An investment vehicle affiliated with Brunei has offered to pay about $2 billion to acquire the three hotels, the Wall Street Journal’s website edition reported citing people familiar with the situation.
Brunei with its offer is a leading contender among a handful of potential buyers, including Middle Eastern government funds, bidding on the three properties as embattled Sahara chief Subrata Roy tries to raise Rs.100 billion to return investors’ money, the news site said.
The Supreme Court last Thursday gave Roy a 15-working-day extension to stay in the conference hall of Delhi’s Tihar Jail court complex for negotiating the sale of his overseas hotels and assets within the country for this purpose.
The Sahara group had collected the money from millions of investors through an instrument named Optionally Fully Convertible Debentures (OFCD).
Sahara in 2012 acquired a controlling stake in the Plaza for around $430 million.
Saudi billionaire Prince al-Waleed bin Talal owns a 25 percent stake in the property. It was not clear if he would maintain that stake if Sahara sells, the Journal said.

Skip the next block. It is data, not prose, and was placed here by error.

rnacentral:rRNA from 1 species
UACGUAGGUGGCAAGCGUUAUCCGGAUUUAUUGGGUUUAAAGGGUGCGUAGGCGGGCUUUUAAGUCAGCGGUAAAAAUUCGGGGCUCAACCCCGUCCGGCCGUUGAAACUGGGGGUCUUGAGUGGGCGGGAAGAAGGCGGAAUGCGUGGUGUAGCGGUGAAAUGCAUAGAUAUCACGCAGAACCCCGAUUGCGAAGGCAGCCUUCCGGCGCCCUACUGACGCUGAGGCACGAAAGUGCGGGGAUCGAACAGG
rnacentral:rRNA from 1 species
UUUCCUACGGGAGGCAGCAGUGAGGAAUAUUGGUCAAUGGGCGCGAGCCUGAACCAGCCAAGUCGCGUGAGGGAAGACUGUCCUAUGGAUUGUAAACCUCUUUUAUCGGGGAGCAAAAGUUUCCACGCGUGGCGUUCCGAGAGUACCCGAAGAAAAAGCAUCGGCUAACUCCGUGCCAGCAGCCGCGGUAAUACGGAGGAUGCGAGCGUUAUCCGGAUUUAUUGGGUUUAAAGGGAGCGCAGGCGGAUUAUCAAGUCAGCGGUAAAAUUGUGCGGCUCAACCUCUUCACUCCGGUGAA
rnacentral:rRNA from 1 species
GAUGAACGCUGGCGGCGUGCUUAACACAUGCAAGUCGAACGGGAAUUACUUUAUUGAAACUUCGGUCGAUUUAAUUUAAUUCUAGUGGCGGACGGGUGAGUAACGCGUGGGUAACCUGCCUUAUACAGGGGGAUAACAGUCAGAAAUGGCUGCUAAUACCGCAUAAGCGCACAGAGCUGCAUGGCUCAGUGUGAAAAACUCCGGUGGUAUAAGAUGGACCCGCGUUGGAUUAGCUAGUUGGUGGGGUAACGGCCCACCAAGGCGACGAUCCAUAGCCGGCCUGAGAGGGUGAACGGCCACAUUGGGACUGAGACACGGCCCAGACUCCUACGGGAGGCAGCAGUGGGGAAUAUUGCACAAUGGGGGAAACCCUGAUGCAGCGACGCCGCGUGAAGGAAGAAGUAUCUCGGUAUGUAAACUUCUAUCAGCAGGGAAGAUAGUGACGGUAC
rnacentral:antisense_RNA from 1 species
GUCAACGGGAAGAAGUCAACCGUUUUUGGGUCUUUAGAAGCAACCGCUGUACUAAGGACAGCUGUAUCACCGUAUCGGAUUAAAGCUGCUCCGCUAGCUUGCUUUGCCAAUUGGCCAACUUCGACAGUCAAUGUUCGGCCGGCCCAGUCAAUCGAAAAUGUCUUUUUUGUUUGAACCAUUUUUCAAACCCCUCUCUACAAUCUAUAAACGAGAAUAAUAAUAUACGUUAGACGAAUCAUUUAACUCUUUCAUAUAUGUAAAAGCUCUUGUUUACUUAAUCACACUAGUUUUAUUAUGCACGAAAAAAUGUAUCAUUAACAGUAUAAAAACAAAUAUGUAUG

Brunei’s offer would include taking over Sahara’s loan from Bank of China Ltd. for the three properties, the Journal said citing people briefed on the negotiations.
Brunei officials have been in discussions throughout this summer with representatives of Sahara, people cited by the Journal said.
An agreement with a buyer could be reached as early as next month, it said.
The Journal also said that the representatives of the sultan could not be reached for comment.
The 107-year-old Plaza, perhaps the most famous hotel in the US, has been featured in movies and novels, including “The Great Gatsby” and Alfred Hitchcock’s “North by Northwest”.
Hotel analysts cited by the Journal said that if Brunei acquires the Plaza, it could drag the famed hotel into the dispute, potentially damaging its business and reputation.
The sultan, along with his luxury-hotel operator, Dorchester Collection, has come under scrutiny for harsh new laws, which include death by stoning for homosexuals and adulterers, the news site noted.
These have sparked public calls in the US for the company to sell its properties, and have led to a series of boycotts of the Beverly Hills Hotel and Dorchester properties in Europe.
The Human Rights Campaign, an advocacy group, Friday called on New Yorkers to oppose a sale to Sultan of Brunei.